Gregory Doran's Hamlet: An Equitable Presence On The Film

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Gregory Doran’s Hamlet (2010) is a loyal interpretation of the play, meaning that it respects and adheres to the source material and previous productions, despite its modern setting and cinematic adaptation. It may be easy for some to write off the Doran film as a low-culture take on the Shakespeare play because of its choice of setting and medium. I believe this is not an equitable stance on the film. So by comparing the film with the text and other cinematic productions of Hamlet, such as the films by Franco Zeffirelli (1990), Kenneth Branagh (1996), and Michael Almereyda (2000), the film can be seen as high-culture, such as other performances of Hamlet. The “To be or not to be” soliloquy is widely acknowledged as an important piece of characterization…show more content…
The two colors split him into halves, top and bottom. Red often represents anger, and in Hamlet’s case, his anger towards Claudius and his passion for revenge. Blue often is associated with sadness and hesitation, and for Hamlet this is his reluctance to face death, which would surely come for him if he were to take his revenge. The shot of Hamlet’s entrance into the scene reflects this struggle. The dark jamb of the doorway blocks him so as it seems to be restricting his movement. He must choose to either move back into the darkness from which he entered, or to move towards the light. Instead, he rests there, contemplating which path to take. While he begins his soliloquy, the camera moves to reveal the lighted front side of Hamlet who is coming out of the darkness, which reflects Hamlet’s intention through this soliloquy. He feels that he is given a task to do what is right, symbolized by the light, although at the cost of facing death, symbolized by the dark. Then when the camera shot switches for the remainder of the soliloquy, Hamlet is still blocked by the doorway, but now has his back to the darkness, echoing his decision he is making. By having Hamlet address the audience directly though looking at the camera when he is questioning what action he should take, it gives the audience the impression that Hamlet is serious about finding answers to these…show more content…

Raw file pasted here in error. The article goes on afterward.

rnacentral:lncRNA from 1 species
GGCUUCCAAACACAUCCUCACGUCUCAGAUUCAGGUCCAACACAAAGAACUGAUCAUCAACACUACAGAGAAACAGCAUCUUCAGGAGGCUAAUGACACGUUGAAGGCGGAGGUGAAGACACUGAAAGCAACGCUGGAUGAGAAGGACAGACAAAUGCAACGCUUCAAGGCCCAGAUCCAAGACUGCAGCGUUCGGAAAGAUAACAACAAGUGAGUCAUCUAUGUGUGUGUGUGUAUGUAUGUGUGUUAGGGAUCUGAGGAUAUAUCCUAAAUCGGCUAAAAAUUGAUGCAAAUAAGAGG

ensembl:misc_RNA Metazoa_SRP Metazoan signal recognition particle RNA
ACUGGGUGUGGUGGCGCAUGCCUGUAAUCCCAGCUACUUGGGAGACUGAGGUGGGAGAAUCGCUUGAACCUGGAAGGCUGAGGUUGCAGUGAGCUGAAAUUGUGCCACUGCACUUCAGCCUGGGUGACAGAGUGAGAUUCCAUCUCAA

As Yvette K. Khoury writes for Literature/ Film Quarterly of the Zeffirelli film, “Even when Gibson’s [whom plays Hamlet] body movement catches the occasional sunray, the iron grid above Hamlet’s head shadows the overhead light; in turn the patter gives the impression of imprisonment in a dark dungeon and reinforces Hamlet’s tormented state of mind” (Khoury 123). This is similar to the way that Doran portrays Hamlet in that both directors create an atmosphere in which the audience is meant to feel that Hamlet is trapped and must find a way out. In the Zeffirelli film, the mise on scené of Hamlet’s surroundings look like a prison, forcing the audience to want Hamlet to break out of the prison. In Doran’s film, the door jamb is blocks the character’s movements, so the audience desires his freedom in this way. Both directors also use light and dark to contrast each other in an effort to mirror the character’s conflicted state. In Zeffirelli’s film, “In addition, the overhead light shining on the hero’s hands reinforces their upcoming usefulness in taking action that is contrasted by the dark void…” (Khoury, 123). The overhead light and the dark void are comparable to the darkness and light on either side of Hamlet in the Doran film. It is also worth mentioning that in the Zeffirelli film, some parts of the text are cut from

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